“No so-called educators or educational administrators have a right to put their hands on anyone’s kid,” said Charles Lavine, the Nassau Democrat who is chairman of the Assembly Judiciary Committee and sponsor of one of the bills. “It’s as simple as that.”
The legislation is part of a broader push by some state lawmakers to increase oversight of private schools, especially all-boys schools in the fervently religious Hasidic community, in response to the Times investigation, which revealed that those schools had received more than $1 billion in taxpayer funding while providing only paltry instruction in English, math and other secular subjects.

The failings occurred despite a state law requiring private schools to provide an education that is substantially equivalent to the one offered in public schools. The Times report, drawing on 911 calls and interviews with dozens of recent students, also showed that teachers in many Hasidic schools made regular use of corporal punishment to keep students in line during hours of grueling religious lessons.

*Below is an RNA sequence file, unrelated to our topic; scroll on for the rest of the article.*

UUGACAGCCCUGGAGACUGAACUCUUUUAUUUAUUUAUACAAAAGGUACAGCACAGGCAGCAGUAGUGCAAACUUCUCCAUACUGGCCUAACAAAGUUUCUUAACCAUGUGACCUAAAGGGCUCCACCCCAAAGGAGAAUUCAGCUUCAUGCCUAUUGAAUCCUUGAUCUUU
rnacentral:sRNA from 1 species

Representatives of the Hasidic schools say that their instructors do not use corporal punishment and that any isolated incidents occur less frequently than in other schools.
Last month, during a joint legislative budget hearing, lawmakers questioned a spokesman for Agudath Israel of America, an Orthodox Jewish group that advocates for Hasidic schools. The spokesman, Rabbi Yeruchim Silber, defended the schools and said they had no tolerance for corporal punishment.

“These schools produce citizens who are well-rounded in all areas,” Rabbi Silber said. “Businesspeople, professionals, every walk of life, family life, communities that are low in crime, low in drug use.”
This week, representatives of several Hasidic schools did not respond to requests for comment.
The bills aimed at raising educational standards in religious schools include proposals that build off the state Education Department’s new regulations for all private schools. The regulations, which officials had considered for years, were adopted days after The Times investigation was published in September. They offered a road map for holding private schools to minimum standards, requiring the schools to prove they are providing a basic education or risk losing funding.